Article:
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Five reasons to be concerned following Bournemouth's start to the season

Five reasons to be concerned following Bournemouth's start to the season

After finishing ninth in the Premier League last season – the highest position in their history – expectations were high for Bournemouth heading into the new campaign. High-profile incomings, including Jermain Defoe, suggested that the south coast club had reached a new level.

However, having amassed just four points from seven fixtures, alarm bells are starting to ring for manager Eddie Howe, whose side sit above only Crystal Palace in the table. Here are five reasons why Bournemouth supporters should be concerned.

The Cherries have been figured out tactically

Now in their third season in the top-flight, Bournemouth are no longer an unknown quantity. Opposing managers know what to expect when they face Eddie Howe’s side and that is being reflected in their tactics. Particularly at the Vitality Stadium, they are happy to let the Cherries dominate possession and challenge them to break down a resolute defence.

The recent goalless draw against Leicester City was a pertinent example. Bournemouth controlled the game against a team that were happy to sit back and play on the counter-attack. Despite creating a host of chances, the Cherries could not find a way through and had to settle for a point.

New signings have failed to shine

Howe landed his three main transfer targets in the summer window and on paper they looked like excellent additions. England international Jermain Defoe brought a rich Premier League pedigree, while versatile defender Nathan Ake and goalkeeper Asmir Begovic were big-money signings from Chelsea. At this early stage though, the newcomers have not had the effect Howe would have hoped for.

There is no doubt that individually they are three top-class players, but the dynamic of the team has not looked the same as last season. Defoe and Joshua King have yet to hit it off up front and Ake has not found a reliable partner at centre-back. Begovic’s role in several conceded goals has also been questioned.

Goals are in short supply

Matches featuring Bournemouth are usually entertaining affairs, with plenty of goals at both ends. The thrilling 4-3 victory over Liverpool and 3-3 draw against Arsenal last season spring to mind. Goals at the right end have been in short supply in the early stages of this campaign, however.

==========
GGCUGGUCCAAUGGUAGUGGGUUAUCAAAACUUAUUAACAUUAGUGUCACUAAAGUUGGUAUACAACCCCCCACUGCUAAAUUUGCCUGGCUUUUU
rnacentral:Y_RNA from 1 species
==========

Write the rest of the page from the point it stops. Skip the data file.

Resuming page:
On only one occasion have the Cherries scored more than once – the 2-1 win over Brighton. For a team that traditionally concedes plenty, Bournemouth cannot afford to misfire in front of goal if they want to compete. Howe has plenty of attacking options at his disposal but the slow start of King, who netted 16 times in 2016/17, has magnified their problems.

Three defeats from three on the road

Although Bournemouth have generally been competitive at home – they very nearly held Manchester City to a draw back in August – they have yet to open their account on their travels. A 1-0 defeat to West Bromwich Albion on the opening day preceded a 3-0 reversal at Arsenal and, most recently, a 2-1 loss to Everton.

Too often, the Cherries have been the architects of their own downfall and made it far too easy for their opponents. The defeat to Everton, a game they really should have won, was a case in point. No team can rely solely on their home form to survive and Howe needs to figure out a way of being more resilient away from the Vitality Stadium.

Upcoming fixtures do not bode well

The schedule should not matter, but Bournemouth supporters will be looking at October’s fixture list with a great deal of trepidation. Next up on the calendar is a trip to Wembley to face in-form Tottenham, before the Cherries hit the road again the following week to lock horns with Stoke City. Bournemouth conclude the month by hosting reigning champions Chelsea.

The Premier League is unpredictable, but it is entirely possible that Howe’s troops could still be sitting on four points with more than a quarter of the season completed. By then, what is now a concern could be a full-scale crisis.

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